Beyond the criminal path, there might be a civil case against the beleaguered speaker. Democrats were in court in Travis County on Tuesday pressing forward with their lawsuit arguing that Sullivan’s recording revealed serious violations of Texas campaign finance law. The party, along with state Rep. Ana-Maria Ramos, D-Richardson, sued Sullivan in August, demanding the release of the full recording of the meeting.
The lawsuit was also filed against an “unknown political committee” that the lawsuit said includes Bonnen and Burrows. But the two lawmakers are not named defendants. At the hearing, attorney Chad Dunn argued for the Democratic Party that the newly released recording confirms there was discussion in the Capitol about political spending and requested the release of more documents about the meeting.
He said if the judge orders the information released, the party will use those documents to decide if Bonnen and Burrows should also be named as defendants in the lawsuit.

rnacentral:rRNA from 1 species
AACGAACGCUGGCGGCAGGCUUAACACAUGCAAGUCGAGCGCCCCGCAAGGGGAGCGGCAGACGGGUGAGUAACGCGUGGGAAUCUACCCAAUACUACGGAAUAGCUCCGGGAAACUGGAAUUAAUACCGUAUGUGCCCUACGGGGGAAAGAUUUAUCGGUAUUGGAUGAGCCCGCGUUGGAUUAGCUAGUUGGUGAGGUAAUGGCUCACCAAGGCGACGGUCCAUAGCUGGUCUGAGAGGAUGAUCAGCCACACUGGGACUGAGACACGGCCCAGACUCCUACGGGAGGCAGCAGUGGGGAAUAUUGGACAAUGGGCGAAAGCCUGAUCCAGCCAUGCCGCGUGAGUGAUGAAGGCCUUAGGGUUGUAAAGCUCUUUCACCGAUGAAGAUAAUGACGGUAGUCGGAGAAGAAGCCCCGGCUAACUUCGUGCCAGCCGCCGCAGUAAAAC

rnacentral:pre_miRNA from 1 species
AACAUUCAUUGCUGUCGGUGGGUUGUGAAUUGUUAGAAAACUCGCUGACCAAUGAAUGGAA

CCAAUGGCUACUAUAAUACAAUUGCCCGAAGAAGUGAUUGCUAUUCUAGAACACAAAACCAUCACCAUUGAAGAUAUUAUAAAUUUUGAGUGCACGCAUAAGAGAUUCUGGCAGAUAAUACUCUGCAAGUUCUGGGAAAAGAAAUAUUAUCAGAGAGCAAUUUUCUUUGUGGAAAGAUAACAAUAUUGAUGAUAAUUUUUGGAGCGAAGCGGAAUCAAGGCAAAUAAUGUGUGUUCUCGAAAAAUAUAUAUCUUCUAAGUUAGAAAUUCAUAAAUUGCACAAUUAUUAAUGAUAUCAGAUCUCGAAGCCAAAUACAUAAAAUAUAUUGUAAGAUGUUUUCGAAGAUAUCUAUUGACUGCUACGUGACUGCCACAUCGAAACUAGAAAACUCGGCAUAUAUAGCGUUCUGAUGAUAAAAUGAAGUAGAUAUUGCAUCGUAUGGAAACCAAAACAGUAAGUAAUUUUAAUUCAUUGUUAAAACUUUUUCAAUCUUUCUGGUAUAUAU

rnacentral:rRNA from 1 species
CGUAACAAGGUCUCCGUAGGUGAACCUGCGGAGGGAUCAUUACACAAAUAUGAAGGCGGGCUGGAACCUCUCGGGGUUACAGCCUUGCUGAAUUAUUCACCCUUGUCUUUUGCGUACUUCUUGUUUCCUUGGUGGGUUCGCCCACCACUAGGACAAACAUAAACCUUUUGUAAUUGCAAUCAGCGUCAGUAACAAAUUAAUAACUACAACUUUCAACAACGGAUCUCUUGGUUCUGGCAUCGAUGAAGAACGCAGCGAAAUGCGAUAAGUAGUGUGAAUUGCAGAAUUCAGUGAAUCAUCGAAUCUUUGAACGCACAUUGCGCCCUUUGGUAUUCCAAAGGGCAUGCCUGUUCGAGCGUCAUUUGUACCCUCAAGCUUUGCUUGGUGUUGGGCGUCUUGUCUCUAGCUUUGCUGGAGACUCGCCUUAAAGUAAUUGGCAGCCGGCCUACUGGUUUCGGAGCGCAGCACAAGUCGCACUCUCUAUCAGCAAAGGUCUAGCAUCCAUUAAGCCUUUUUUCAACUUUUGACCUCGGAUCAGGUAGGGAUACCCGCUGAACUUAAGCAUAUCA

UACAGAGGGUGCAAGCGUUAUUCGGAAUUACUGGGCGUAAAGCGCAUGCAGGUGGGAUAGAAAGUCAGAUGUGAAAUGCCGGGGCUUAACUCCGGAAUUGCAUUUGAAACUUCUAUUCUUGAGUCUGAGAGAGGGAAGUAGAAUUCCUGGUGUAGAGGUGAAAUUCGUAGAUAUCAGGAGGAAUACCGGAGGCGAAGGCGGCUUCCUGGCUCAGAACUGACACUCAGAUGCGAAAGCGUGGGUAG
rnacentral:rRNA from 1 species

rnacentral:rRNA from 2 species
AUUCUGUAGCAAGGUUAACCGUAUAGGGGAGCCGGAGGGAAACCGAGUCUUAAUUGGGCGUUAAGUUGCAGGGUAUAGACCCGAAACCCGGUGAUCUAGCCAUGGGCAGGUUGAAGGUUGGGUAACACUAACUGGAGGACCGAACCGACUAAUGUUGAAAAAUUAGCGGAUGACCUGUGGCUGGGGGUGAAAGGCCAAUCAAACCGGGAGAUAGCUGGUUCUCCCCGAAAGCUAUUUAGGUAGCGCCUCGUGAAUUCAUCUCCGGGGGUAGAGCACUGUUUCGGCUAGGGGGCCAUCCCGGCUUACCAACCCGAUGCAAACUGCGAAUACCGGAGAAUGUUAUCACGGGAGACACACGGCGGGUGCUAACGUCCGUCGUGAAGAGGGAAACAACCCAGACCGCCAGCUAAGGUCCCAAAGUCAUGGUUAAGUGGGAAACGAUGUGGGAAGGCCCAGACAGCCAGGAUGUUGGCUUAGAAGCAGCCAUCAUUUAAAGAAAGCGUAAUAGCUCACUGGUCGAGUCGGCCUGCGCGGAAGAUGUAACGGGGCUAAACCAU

Under Texas election law, a political contribution can’t be made or authorized inside the Capitol. A violation of the law could result in up to a year in jail and a $4,000 fine. In civil court, it could mean having to pay back targeted candidates or opposing PACs. Dunn said the recording contains “a whole lot of authorizing.”
“If we live in a state of laws, there’s not going to be private conversations with the speaker in the people’s Capitol authorizing illegal political contributions and expenditures,” he said.
Roark said in the August memo to the Texas Rangers that there was no political contribution authorized at the June meeting, so the law was not applicable in this case.
Bonnen’s most immediate concern may be political. In the hours since the recording was released, most House Republicans have stayed silent, and some Democrats have unleashed criticism. The Texas House GOP Caucus is set to meet later this week.
But like the political future of the speaker, the path ahead for the investigation remains uncertain. The Texas Rangers had told Roark that the investigation’s findings would be released this week, but that deadline may be a “moving target,” Roark said. House lawmakers have been asked to submit any materials related to the investigation to the Rangers by Thursday.
“There’s too many close-to-the-line things going on here, and I don’t know what a prosecutor would do with it,” Wood said.
But laughing a little, he added, “I certainly wouldn’t want to have to be defending it.”